Tag Archives: racial hoax

Fake Hate in Minnesota

So, the report of a racial threat at very tiny and very liberal St.Olaf College in Minnesota was a hoax. On April 29 Samantha Wells, a black student at the college, reported discovering a note on the windshield of her car with the message, “I am so glad that you are leaving soon. One less n‑‑‑‑‑ that this school must deal with. You have spoken up too much. You will change nothing. Shut up, or I will shut you up.” Wells contacted police but declined to make an official report.

A student confessed to writing the note, St. Olaf President David R. Anderson wrote in a message to students. For some reason, he declined to use the word “hoax” for the false report. The threat — an anonymous, typewritten note — was “fabricated,” he said, as an apparent “strategy to draw attention to concerns about the campus climate We’ve confirmed that this was not a genuine threat. We’re confident that there is no ongoing threat from this incident to individuals or the community as a whole,” he said.

In a second campus-wide email sent later Wednesday, Anderson used stronger words to explain what happened, while still steering around the word “hoax.”

Anderson, citing federal student privacy laws, did not identify the person of interest. Nor did he discuss the tumult caused to the campus or to the damage of race relations by using a fake racial incident to extract concessions from the college.

For instance, one demand called for removing alumnus Arne Christenson from the advisory board of university’s Institute for Freedom and Community because of his “political views and values as a Christian Zionist.” Another demanded “visible and easily accessible gender neutral housing on all residence halls.” Anderson negotiated with the black students and set parameters for formal discussions. Anti-white posters appeared on campus during the crisis.

President Anderson has yet to address students on the wisdom and morality of fake hate crimes as a way of getting what you want.

Add Babson to the List Of Campus Hoaxes

The shoot-first-and-ask-questions-later mentality that has gripped our college campuses, currently basking — or wallowing — in a so-called diversity and inclusion phase, has visited Babson College, where members of the administration and faculty worked themselves into a lather over an incident of racial harassment that, it turns out, the most elementary investigation would have demonstrated never occurred.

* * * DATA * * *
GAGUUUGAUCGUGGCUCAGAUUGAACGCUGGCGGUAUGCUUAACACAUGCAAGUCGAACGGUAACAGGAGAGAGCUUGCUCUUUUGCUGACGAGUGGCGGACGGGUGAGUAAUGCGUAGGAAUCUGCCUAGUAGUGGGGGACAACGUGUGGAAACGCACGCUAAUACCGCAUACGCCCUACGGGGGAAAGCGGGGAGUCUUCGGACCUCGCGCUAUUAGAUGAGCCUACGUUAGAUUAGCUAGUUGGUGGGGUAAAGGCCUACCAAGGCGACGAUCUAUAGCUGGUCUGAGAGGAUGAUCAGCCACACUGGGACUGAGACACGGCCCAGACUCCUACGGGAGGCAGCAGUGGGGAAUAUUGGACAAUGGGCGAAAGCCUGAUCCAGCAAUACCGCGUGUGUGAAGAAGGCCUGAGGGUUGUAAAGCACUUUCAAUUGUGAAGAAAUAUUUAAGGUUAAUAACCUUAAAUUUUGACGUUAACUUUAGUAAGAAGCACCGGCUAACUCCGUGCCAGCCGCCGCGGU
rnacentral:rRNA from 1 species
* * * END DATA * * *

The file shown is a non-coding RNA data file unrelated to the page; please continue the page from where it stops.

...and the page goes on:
This puts Babson, President Kerry Healey, and a number of administrators and faculty members in the uncomfortable position of having failed to adhere to an academic obligation — first determine the facts, then draw conclusions, and only then open your mouth.

The embarrassing imbroglio stems from an ill-fated and impulsive truck ride by two Babson students, Parker Rand-Ricciardi and Edward Tomasso, to Wellesley College on Nov. 9 to gloat over Donald Trump’s victory. Gloating is, of course, fully protected by the most elementary precepts of academic freedom, to which virtually all liberal arts colleges — including Babson and Wellesley — are committed.

Quickly, the word spread via social media that the pair had engaged in racist and homophobic slurs, including a targeted visit to Wellesley’s Harambee House, home to the college’s African-American cultural center. The reports of racial slurs were complemented by one report of spitting by the Babson duo.

But investigators were unable to substantiate any of these reports of hate speech. That they took root, then spread like wildfire, to the point of provoking condemnations from many of the supposed adults running Babson, tells us how far our colleges have fallen in the contest by administrators and professors to be seen as holier-than-thou when it comes to hot-button issues of race, gender, sexual orientation and other such categories.

Healey was joined by Dean of Students Lawrence Ward, and some 200 members of Babson’s faculty — none of whom apparently had bothered to look for evidence before condemning Rand-Ricciardi and Tomasso and effectively labeling them racists and homophobes. It was a classic example of the justice meted out by the infamous character Queen of Hearts in “Alice in Wonderland,” who pronounced sentences — “off with their heads” — before the inconvenience of a trial.

The unseemly faculty and administration rage was tempered only when Babson and Wellesley campus police reported they could find no evidence to support any of the allegations of racism. Babson’s campus ban on the two students was immediately lifted. Yelling “Trump 2016” and “Make America Great Again” out of the windows of a vehicle is not a crime in the USA, nor a recognized offense — at least not yet — on a liberal arts campus.

Perhaps the biggest surprise was the politically correct, premature and unsubstantiated condemnations that came from the mouth of Babson’s president, who, because of her business and political rather than academic background, might have been expected to exercise more skepticism and better judgment than we have come to expect from the typical campus administrator or professor.

Before accepting the Babson presidency, Healey had a vibrant career in the real world. Her departure from positions of prominence and responsibility into the academic mosh pit is a misfortune sadly demonstrated by what she’s chosen to do there — wrongly impugn the reputations and jeopardize the careers of two young men she happens to disagree with.

Reprinted with permission from the Boston Herald